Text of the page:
“Sometimes, you could use the other pieces [of the drumkit] a little bit, but [stripping it down] makes you use what you have a little bit more,” Phantom explains. “It makes you work a little bit harder, and since I started doing it, it becomes something that you’re expected to do! [laughs] Like, you do something a long, long time ago and make an impression, then everyone wants to see it.

“So, I’ve kind of learned a couple of tricks to develop it: sometimes I bring out an extra tom or an extra cymbal, but it’s definitely at times challenging. Sometimes I wish I was sitting down and had a full drum set, which sometimes in the studio you can.”

Slim Jim Phantom 02

When The Stray Cats broke they may have been playing non-stop for a couple of years, but all of a sudden they collected celebrity fans like The Rolling Stones and Robert Plant of Led Zeppelin, and weren’t shy of the record industry’s famed 80’s excess. Slim Jim agrees that there were some wild scenes and blurred memories through those days.

“Oh yeah, for sure. But when you’re young, I think you bounce back better: it’s less challenging when you’re younger to behave that way,” he laughs. “Now, it’s kind of good to be given a forum to behave that way when you’re young – you could get away with it, and I embraced that. Then you grow up a little bit, and it’s good and you’re able to grow old with it… and certain behaviour that maybe is accepted from a 21 year old with a hit record, you can’t really do it when you’re 51 – and that’s good. I got it out of my system, so now my bad behaviour isn’t really a burden on anyone!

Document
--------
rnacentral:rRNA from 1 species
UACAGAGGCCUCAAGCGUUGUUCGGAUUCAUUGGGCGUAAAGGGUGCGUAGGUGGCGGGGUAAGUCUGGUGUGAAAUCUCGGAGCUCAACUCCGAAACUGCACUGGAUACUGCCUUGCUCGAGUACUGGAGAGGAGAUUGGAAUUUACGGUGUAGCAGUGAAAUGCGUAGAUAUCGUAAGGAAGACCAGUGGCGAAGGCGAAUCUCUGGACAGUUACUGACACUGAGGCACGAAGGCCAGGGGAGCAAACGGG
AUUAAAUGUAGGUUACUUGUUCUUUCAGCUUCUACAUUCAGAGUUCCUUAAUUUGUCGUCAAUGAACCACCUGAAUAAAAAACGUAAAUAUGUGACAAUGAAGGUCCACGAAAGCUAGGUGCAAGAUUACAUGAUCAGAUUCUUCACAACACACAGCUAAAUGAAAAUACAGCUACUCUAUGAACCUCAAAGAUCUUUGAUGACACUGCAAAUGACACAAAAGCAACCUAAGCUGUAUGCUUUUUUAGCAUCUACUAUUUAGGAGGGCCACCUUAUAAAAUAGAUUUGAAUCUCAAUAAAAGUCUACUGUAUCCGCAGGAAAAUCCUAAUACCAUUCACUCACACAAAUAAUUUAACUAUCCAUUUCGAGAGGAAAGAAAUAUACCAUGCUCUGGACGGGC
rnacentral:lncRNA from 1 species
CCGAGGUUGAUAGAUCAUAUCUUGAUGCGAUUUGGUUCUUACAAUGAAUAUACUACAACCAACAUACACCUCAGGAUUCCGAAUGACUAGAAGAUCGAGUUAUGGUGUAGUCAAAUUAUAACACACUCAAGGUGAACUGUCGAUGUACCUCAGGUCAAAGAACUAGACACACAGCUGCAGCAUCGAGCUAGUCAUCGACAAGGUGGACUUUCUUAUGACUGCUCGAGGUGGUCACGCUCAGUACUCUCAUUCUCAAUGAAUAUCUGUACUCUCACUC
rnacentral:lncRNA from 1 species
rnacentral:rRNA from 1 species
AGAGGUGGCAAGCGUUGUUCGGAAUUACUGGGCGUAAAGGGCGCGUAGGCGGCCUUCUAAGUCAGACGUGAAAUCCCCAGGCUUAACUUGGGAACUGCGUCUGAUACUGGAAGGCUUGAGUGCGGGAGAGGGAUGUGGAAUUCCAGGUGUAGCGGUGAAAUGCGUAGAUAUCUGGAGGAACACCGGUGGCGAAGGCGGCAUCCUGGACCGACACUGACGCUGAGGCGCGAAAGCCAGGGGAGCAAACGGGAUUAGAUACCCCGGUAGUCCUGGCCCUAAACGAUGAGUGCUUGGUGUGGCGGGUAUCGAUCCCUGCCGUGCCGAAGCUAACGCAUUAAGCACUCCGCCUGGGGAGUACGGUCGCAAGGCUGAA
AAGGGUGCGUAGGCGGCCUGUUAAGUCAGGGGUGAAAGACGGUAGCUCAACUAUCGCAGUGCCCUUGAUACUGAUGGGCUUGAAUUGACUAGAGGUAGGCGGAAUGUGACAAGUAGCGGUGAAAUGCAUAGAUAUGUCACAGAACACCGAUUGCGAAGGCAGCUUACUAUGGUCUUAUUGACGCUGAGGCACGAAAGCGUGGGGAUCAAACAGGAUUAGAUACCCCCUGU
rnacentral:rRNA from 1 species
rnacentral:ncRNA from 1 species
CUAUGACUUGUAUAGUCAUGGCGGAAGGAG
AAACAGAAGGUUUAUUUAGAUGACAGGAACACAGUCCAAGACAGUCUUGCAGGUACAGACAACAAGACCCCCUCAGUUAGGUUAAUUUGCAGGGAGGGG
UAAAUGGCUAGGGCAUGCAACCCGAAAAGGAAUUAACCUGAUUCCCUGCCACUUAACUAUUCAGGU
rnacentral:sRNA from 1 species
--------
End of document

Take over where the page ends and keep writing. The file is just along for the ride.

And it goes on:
“But when you’re young, it’s good – you could get away with it a little bit more,” he adds, still laughing.

Moving on to another cult favourite of his repertoire, I ask Slim Jim how exactly he hooked up with Lemmy and Danny B to form Head Cat.

The Head Cat - Danny B, Lemmy & Phantom

The Head Cat – Danny B, Lemmy & Phantom

“Well the actual story is, firstly, I’ve known Lemmy since 1980. He was one of the original Stray Cats fans and was there at probably the first two or three shows [we did in England]. We kind of had a hardcore following, fortunately, that we related to, so we had people like The Stones and Robert Plant amongst them, and Lemmy was an original one, so he and I had known each other and became friends then. We stayed in touch throughout the 80’s and the 90’s, and when we moved to L.A. he moved half a block away from me so we always maintained a friendship which is always the most important thing.

“I was asked to do an Elvis song for a tribute and just to go and knock that out, I was trying to find ways to make that interesting, so Lem was my first stop and Johnny Ramone was my other dear pal. He was a huge Elvis fan and he didn’t make a habit of playing outside the Ramones. They had already stopped playing and Johnny was very much into retirement needed help coaxing him to go back. He didn’t have to go and hand out letters to mailboxes anymore, he is retired he didn’t have to do that anymore. He said ball players that are retired don’t go and hit batting practice anymore – alright John, I get it.

“But he admired Lemmy, and Lemmy knew him, and I was able to bring everyone together. I got John to come and play, because he’s a huge Elvis fan, so I got Lemmy to do the job. It was kind of a cool little rock and roll history moment, that maybe is kind of unheralded that I made happen. Johnny Ramone came and Lemmy and we went to the studio and we played this song and we got it right in the first couple of tries and then John tacked off – he was like, ‘see you later.’ ‘Okay John, call me,’ he was like, ‘yes, yes, yes.’ So I had all this time left in the studio and Lemmy was like, ‘let’s try this one, let’s try that one,’ and we just started knocking out songs and we let the tape roll. Then we were like, let’s come back tomorrow and it just led to a record. We went back everyday for a couple of weeks and we ended up with a record.”